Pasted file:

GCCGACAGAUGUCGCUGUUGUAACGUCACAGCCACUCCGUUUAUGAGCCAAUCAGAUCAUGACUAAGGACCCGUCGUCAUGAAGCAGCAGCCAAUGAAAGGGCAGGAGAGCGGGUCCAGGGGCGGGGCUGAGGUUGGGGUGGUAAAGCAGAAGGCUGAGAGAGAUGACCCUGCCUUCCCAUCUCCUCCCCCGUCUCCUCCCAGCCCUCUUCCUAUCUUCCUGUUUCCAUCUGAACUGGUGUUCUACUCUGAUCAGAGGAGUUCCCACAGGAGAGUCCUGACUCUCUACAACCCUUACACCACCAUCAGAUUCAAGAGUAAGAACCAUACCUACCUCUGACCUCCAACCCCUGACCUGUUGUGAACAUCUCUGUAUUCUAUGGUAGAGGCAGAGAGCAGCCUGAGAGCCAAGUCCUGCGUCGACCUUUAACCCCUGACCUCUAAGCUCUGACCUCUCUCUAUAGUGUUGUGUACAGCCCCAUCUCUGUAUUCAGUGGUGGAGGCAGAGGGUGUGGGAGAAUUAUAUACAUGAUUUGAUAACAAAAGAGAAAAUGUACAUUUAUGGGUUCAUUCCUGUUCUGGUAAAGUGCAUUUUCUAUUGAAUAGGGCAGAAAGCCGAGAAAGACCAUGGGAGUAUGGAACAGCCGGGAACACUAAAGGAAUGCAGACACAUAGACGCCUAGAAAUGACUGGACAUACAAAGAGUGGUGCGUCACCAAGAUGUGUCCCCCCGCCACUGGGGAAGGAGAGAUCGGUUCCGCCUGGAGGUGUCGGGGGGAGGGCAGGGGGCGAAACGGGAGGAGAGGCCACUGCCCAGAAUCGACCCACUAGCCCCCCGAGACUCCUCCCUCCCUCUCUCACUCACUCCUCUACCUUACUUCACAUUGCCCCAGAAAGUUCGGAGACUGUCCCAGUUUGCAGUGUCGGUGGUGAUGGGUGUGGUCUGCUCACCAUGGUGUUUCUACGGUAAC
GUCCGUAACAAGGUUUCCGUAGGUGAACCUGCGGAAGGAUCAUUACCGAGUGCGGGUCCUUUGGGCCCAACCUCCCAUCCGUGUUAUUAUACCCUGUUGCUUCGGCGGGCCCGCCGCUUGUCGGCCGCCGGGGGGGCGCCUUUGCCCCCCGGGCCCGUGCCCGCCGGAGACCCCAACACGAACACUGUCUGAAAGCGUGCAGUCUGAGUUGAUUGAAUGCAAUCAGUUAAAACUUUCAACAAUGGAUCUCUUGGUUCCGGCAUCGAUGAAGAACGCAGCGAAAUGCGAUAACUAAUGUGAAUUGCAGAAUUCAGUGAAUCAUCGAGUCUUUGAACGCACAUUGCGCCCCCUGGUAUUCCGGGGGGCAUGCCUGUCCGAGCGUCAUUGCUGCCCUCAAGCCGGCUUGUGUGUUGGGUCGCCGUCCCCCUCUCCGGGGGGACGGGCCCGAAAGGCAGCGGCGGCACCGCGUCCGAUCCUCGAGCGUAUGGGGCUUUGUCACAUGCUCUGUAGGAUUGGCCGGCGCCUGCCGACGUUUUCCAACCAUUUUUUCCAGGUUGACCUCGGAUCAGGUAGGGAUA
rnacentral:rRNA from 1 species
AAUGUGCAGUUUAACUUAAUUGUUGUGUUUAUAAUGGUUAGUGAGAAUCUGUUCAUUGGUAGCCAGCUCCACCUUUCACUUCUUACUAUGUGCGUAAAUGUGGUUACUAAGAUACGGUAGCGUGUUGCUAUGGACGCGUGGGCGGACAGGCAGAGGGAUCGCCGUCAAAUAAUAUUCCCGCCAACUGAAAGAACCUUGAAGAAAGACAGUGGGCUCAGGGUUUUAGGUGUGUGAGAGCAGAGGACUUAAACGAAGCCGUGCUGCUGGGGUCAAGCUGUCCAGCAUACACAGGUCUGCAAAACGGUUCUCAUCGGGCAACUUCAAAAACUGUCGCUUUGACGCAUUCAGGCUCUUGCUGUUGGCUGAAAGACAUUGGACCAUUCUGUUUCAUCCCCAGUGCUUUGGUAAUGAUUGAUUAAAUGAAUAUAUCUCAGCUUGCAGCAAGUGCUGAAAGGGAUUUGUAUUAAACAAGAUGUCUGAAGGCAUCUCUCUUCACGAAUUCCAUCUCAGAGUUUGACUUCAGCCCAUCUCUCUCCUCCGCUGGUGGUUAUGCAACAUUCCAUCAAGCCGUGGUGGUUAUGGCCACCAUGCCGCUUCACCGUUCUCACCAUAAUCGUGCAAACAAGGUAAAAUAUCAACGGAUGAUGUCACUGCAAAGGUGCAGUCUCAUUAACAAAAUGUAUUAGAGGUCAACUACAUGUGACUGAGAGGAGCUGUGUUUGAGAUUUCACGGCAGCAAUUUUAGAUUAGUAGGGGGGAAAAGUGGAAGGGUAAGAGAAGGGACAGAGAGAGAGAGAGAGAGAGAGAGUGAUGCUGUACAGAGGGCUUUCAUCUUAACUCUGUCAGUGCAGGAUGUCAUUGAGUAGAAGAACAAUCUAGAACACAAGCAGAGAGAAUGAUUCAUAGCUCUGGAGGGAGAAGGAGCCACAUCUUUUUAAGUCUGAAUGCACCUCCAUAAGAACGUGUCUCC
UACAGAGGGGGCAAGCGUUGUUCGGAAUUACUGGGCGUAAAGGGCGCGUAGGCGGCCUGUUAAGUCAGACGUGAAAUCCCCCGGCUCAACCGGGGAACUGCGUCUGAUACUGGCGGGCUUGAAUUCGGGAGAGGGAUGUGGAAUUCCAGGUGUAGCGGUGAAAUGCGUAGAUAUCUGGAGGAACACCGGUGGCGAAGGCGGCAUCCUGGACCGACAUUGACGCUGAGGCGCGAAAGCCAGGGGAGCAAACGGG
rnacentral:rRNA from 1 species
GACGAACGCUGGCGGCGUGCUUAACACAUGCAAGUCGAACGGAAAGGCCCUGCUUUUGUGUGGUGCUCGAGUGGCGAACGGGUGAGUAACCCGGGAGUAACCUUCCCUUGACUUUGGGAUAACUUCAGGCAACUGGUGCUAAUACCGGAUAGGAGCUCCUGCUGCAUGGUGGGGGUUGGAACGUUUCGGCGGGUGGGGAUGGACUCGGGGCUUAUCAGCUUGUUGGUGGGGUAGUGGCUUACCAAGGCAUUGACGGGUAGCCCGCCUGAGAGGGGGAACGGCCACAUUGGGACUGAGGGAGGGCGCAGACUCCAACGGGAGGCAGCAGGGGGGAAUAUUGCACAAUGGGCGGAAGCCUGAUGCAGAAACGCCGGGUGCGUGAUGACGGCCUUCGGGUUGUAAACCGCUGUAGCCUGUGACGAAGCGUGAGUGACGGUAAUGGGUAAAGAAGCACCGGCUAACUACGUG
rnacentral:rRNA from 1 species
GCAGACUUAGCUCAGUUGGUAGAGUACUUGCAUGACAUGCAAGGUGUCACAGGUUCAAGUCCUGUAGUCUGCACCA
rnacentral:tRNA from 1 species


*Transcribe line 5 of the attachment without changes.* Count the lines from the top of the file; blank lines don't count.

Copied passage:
UACAGAGGGGGCAAGCGUUGUUCGGAAUUACUGGGCGUAAAGGGCGCGUAGGCGGCCUGUUAAGUCAGACGUGAAAUCCCCCGGCUCAACCGGGGAACUGCGUCUGAUACUGGCGGGCUUGAAUUCGGGAGAGGGAUGUGGAAUUCCAGGUGUAGCGGUGAAAUGCGUAGAUAUCUGGAGGAACACCGGUGGCGAAGGCGGCAUCCUGGACCGACAUUGACGCUGAGGCGCGAAAGCCAGGGGAGCAAACGGG